DATELINE: Man in Black & Man with Black Heart
Likely inspired by the various documentaries and movies about Nixon and Elvis, there was in 1970 another significant meeting between Richard Nixon and a music star. Conservative, religious, patriotic Johnny Cash, sometime rebel, was invited to the White House to give a command performance.
A short documentary telegraphs its feelings with the title: Tricky Dick & The Man in Black. Though the film gives some balance, it is primarily told through the Cash perspective with intensive interviews with Johnny’s son and sister.
Nixon was not a fan of country-western music as his taste ran more to pop classics, like Richard Rogers’ Victory at Sea music, or the show tunes from South Pacific. However, those handlers in the White House felt besieged by youthful protests against the war in Vietnam.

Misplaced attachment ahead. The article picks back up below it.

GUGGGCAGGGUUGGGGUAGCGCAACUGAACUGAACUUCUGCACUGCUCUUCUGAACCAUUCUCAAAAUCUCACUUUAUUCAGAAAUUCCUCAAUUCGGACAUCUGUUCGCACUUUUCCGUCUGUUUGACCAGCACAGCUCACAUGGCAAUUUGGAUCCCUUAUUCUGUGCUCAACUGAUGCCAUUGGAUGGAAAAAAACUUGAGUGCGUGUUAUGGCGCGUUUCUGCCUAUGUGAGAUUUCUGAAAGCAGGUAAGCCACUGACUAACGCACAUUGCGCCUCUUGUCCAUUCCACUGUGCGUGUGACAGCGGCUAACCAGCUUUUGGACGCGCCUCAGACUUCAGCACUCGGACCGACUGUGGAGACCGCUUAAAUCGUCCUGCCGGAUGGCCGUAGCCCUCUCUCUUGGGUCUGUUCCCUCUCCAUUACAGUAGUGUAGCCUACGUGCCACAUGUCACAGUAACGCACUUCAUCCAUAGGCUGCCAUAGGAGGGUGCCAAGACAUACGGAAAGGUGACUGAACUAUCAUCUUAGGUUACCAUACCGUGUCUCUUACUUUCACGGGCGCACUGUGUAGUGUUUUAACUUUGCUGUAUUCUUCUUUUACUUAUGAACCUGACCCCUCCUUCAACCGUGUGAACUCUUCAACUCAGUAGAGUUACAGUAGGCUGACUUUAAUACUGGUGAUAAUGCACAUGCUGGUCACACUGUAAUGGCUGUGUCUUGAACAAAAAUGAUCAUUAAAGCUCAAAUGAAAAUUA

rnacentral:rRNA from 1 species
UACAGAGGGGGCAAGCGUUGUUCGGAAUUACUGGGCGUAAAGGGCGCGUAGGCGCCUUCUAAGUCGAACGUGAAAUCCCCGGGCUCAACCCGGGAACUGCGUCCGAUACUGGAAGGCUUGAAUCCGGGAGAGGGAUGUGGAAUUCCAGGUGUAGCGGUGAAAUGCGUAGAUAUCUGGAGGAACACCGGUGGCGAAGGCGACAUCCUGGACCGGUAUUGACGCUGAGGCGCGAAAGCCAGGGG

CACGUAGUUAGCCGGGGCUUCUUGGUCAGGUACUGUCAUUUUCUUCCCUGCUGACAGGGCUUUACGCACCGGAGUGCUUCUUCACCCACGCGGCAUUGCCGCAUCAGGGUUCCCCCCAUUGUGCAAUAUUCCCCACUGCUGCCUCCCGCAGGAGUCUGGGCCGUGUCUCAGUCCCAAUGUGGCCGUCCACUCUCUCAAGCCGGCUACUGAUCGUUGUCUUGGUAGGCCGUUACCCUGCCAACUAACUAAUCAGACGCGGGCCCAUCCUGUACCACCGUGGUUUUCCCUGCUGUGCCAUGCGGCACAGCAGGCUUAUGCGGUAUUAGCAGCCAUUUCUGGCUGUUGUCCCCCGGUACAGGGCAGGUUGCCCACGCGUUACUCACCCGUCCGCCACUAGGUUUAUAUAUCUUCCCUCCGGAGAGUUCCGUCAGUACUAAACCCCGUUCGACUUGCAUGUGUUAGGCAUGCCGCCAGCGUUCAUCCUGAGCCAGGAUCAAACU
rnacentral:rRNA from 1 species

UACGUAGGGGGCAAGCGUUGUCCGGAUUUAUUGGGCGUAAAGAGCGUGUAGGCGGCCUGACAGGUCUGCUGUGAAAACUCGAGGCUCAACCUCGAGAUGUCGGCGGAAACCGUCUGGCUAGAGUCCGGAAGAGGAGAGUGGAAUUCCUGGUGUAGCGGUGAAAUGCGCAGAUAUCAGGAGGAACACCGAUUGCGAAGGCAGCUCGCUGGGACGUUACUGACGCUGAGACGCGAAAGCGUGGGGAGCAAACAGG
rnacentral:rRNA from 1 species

Nixon’s advisors—Haldeman, Pat Buchanan, primarily—felt they needed a antidote to the protests and drug users of Haight-Ashbury. Cash was their man. When he noted on his TV show that he wanted peace with honor in Vietnam, it won him an invitation to perform in the East Room of the White House in April of 1970.
Alas, Nixon’s men did not do their homework. Johnny Cash was not only an advocate for prison reform, but he had created a music album on behalf of Native Americans and visited Wounded Knee.
When the Nixon White House asked him to sing “Welfare Cadillac” to appeal to the redneck supporters, Cash was taken aback. It was not his song or his style. No one told him what to perform. And, he had just returned from visiting soldiers in Vietnam, turning him into a dove with claws (in his own words).
The performance made Nixon uncomfortable, as Cash made him passive-aggressive points. Two weeks later came the college massacres at Kent State, and only then did Cash release his famous song, “Man in Black.”
A highly worthy insight into Johnny Cash, it may surprise many non-fans.